Tennessee Titans 2021 Superlatives: MVP, Biggest Disappointment, more

On Saturday, a disjointed, turnover-ridden offensive performance ended the Tennessee Titans’ season, and brought a surge of positive momentum to a screeching halt. This loss has unveiled many questions regarding Tennessee’s short-term postseason competitiveness, and confirmed doubts about Ryan Tannehill’s ability to lead a team to a Super Bowl. A devastating loss like this makes it difficult to compose a wholistic evaluation of the season, but let’s take a moment to overcome recency bias, and reflect on the good and bad of the 2021 Tennessee Titans.

The Broadway Sports team has voted on several categories, and the results are in. Vote totals are included in parenthesis, along with honorable mentions.

Most Valuable Player: A.J. Brown (7)

As contract discussions for the 2019 draft class heat up, I don’t expect A.J. Brown’s agent to have any difficulties making his case. We saw nearly every possible combination of skill players this year, and the one stable factor that affected Tennessee’s offensive production was AJ Brown’s presence.

With Brown on the field, Tennessee’s passing offense was still efficient and explosive. In his absence, the Titans’s backup receivers failed to consistently separate, and expectedly, they struggled to throw the ball effectively.

Others Receiving Votes: Jeffery Simmons (3), Derrick Henry (1), Kevin Byard (1)

Rookie of the Year: Elijah Molden (12)

Molden was the only Titans’ player to win an award unanimously; this is partially due to a successful rookie campaign that improved as the year went on, and partially because of the complete lack of production Tennessee received from the 2021 Draft Class.

Bounce Back Player: Kevin Byard (10)

Kevin Byard’s down-year in 2020 is a bit overstated, in my opinion; his play didn’t approach the standard he had set for himself , but he was nowhere close to Tennessee’s biggest problem defensively. Nevertheless, a safety making $14 million per year is expected to be more than just serviceable, and Byard met and exceeded those expectations in 2021.

He recorded 5 interceptions, 6 pass breakups, and was PFF’s highest graded safety, but Byard wasn’t just a ball-hawk. He was consistently in the right position, even when he wasn’t targeted, he was excellent in run support, and he played a pivotal role anchoring the back-end of a defense that took a massive step forward in 2021.

Others Receiving Votes: Kristian Fulton (1), Jayon Brown (1)

Unsung Hero: Denico Autry (5)

To some, Denico Autry was an under-the-radar free agent signing, but he made his presence felt early and often. In his first season with the Titans, Autry totaled 64 pressures and 13 sacks, both of which are career highs, and his length and motor made Tennessee much more effective when utilizing stunts and twists. Autry isn’t a pass rushing technician, and a lot of his sacks came off of cleanup and pursuit, but he was a force multiplier for the rest of Tennessee’s front-four. With a cap hit of only $8.7 million per year, Autry is a massive bargain for a roster that will soon become more expensive.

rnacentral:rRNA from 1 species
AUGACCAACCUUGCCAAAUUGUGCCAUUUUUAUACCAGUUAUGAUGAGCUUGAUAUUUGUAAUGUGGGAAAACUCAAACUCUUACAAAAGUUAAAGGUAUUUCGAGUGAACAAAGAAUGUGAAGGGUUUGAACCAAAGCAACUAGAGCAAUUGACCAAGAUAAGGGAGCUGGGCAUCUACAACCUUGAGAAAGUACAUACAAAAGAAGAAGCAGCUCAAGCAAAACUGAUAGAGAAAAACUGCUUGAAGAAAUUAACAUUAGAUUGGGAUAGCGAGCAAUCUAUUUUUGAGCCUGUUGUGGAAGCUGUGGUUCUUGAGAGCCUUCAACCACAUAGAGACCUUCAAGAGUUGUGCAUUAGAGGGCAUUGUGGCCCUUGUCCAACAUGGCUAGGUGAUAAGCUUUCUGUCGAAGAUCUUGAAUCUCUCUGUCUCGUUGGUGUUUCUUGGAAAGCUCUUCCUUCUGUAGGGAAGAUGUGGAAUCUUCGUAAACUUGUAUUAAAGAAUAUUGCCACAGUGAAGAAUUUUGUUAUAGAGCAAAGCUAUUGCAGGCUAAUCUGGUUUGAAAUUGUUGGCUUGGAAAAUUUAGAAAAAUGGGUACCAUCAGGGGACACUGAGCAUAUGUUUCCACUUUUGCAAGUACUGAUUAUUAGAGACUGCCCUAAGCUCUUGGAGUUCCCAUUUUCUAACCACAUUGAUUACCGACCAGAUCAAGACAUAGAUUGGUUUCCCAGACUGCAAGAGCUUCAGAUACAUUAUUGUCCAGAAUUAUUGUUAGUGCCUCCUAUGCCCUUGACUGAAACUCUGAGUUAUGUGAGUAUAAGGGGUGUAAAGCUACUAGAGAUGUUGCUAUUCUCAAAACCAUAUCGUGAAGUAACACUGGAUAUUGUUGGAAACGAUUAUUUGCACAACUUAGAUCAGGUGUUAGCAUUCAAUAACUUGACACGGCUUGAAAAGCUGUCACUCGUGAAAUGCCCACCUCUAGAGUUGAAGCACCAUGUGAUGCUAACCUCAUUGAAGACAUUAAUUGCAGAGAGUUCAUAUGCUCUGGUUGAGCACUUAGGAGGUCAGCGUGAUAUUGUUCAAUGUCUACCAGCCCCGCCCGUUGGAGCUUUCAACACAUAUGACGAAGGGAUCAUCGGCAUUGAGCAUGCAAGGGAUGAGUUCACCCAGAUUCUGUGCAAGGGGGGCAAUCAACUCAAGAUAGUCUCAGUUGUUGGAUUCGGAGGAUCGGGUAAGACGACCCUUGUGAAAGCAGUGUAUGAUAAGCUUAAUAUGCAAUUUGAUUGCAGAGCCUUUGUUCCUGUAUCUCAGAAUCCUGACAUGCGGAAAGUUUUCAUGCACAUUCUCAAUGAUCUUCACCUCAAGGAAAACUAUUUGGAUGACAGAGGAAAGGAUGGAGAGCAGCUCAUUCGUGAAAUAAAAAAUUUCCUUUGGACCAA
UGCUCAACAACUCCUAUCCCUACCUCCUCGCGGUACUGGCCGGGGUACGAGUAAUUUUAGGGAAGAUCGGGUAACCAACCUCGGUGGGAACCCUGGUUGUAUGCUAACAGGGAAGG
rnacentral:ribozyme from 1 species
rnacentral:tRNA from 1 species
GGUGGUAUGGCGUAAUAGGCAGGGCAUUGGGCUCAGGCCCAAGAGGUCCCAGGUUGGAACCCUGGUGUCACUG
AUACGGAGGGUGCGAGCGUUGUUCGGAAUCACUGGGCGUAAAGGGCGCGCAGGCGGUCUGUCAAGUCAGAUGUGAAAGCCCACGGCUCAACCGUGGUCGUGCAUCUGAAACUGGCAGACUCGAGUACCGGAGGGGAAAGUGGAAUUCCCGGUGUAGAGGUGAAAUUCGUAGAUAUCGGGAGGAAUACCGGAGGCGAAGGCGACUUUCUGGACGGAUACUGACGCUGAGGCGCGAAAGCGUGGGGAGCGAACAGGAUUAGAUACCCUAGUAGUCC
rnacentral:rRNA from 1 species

Others Receiving Votes: Amani Hooker (2), Ben Jones (2), Nick Westbrook-Ikhine (1)

Breakout Player: Kristian Fulton (6)

Cornerback was a huge unknown heading into the season, after Tennessee released Malcolm Butler and Adoree’ Jackson. Kristian Fulton was a first round talent, who inexplicably slipped to Day 2 of the 2020 NFL Draft, but injuries limited him to just 209 snaps in his rookie season. If Fulton was the caliber of player he had the potential to be, the Titans were likely in good shape at cornerback, but there wasn’t enough tape to know what to expect.

Kristian Fulton resolved those uncertainties immediately; he was one of the lone bright spots of Tennessee’s Week 1 loss to the Arizona Cardinals, and he proceeded to have an excellent season, in which he established himself as a high-caliber starting cornerback. Fulton recorded 11 pass breakups, 2 interceptions, and only allowed more than 100 yards in his coverage once. He’ll need to improve his consistency to warrant “elite-tier” consideration, but his stock is definitely on the rise.

Others Receiving Votes: David Long (3), Denico Autry (1), Buster Skrine (1), Harold Landry (1)

Biggest Disappointment: Nate Davis (4)

Davis picked up his level of play in the second half of the year, but for a player whose development track had been so overwhelmingly positive, the 2021 season was a disappointment. Davis’s run blocking was inconsistent, as he took a noticeable step back performing reach blocks and engaging second-level defenders. What’s most troubling, however, was his lack of development in pass protection; Davis still struggles at times with technique and weight displacement, and it’s a coin-flip whether or not he’ll properly pick up a blitz.

Others Receiving Votes: Julio Jones (3), Anthony Firkser (2), Darrynton Evans (1), Dez Fitzpatrick (1), Caleb Farley (1)

Appointment Viewing: Jeffery Simmons (4)

When Simmons makes plays, he looks as dominant as any defensive lineman not named Aaron Donald. Jon Robinson’s affinity for drafting injured players has become a meme, but let’s not ignore how successful this draft pick has been. His game-to-game consistency is slightly lacking, but the flashes he showed en route to a 66 pressure, 14 sack season, should make you feel encouraged.

Others Receiving Votes: David Long (3), Derrick Henry (3)

Author: James FosterJames is a Nashville native who enjoys learning and teaching others about the X’s and O’s of football. Hobbies include complaining about coaches punting on 4th &1 and complaining about NFL GamePass.

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